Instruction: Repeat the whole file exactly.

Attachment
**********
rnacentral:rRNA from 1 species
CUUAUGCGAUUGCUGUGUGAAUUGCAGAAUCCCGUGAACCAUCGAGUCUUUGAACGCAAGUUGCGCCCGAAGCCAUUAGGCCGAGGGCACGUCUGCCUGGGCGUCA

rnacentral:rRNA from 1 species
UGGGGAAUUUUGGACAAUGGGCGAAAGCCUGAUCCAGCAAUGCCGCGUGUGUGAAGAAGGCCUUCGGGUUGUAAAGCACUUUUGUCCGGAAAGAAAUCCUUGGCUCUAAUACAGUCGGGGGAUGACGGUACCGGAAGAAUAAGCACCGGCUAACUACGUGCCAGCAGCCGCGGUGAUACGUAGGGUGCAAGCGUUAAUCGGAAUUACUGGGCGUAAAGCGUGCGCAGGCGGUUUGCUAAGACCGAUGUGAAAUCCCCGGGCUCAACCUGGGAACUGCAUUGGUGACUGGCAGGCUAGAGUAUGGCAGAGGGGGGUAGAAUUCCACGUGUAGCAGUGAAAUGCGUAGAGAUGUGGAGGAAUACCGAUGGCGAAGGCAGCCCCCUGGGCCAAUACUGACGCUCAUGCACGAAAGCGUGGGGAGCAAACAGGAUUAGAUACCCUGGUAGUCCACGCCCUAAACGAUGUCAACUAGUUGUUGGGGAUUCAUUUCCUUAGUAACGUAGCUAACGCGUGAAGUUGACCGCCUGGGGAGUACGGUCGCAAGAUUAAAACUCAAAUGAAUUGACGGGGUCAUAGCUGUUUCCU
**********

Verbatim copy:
rnacentral:rRNA from 1 species
CUUAUGCGAUUGCUGUGUGAAUUGCAGAAUCCCGUGAACCAUCGAGUCUUUGAACGCAAGUUGCGCCCGAAGCCAUUAGGCCGAGGGCACGUCUGCCUGGGCGUCA

rnacentral:rRNA from 1 species
UGGGGAAUUUUGGACAAUGGGCGAAAGCCUGAUCCAGCAAUGCCGCGUGUGUGAAGAAGGCCUUCGGGUUGUAAAGCACUUUUGUCCGGAAAGAAAUCCUUGGCUCUAAUACAGUCGGGGGAUGACGGUACCGGAAGAAUAAGCACCGGCUAACUACGUGCCAGCAGCCGCGGUGAUACGUAGGGUGCAAGCGUUAAUCGGAAUUACUGGGCGUAAAGCGUGCGCAGGCGGUUUGCUAAGACCGAUGUGAAAUCCCCGGGCUCAACCUGGGAACUGCAUUGGUGACUGGCAGGCUAGAGUAUGGCAGAGGGGGGUAGAAUUCCACGUGUAGCAGUGAAAUGCGUAGAGAUGUGGAGGAAUACCGAUGGCGAAGGCAGCCCCCUGGGCCAAUACUGACGCUCAUGCACGAAAGCGUGGGGAGCAAACAGGAUUAGAUACCCUGGUAGUCCACGCCCUAAACGAUGUCAACUAGUUGUUGGGGAUUCAUUUCCUUAGUAACGUAGCUAACGCGUGAAGUUGACCGCCUGGGGAGUACGGUCGCAAGAUUAAAACUCAAAUGAAUUGACGGGGUCAUAGCUGUUUCCU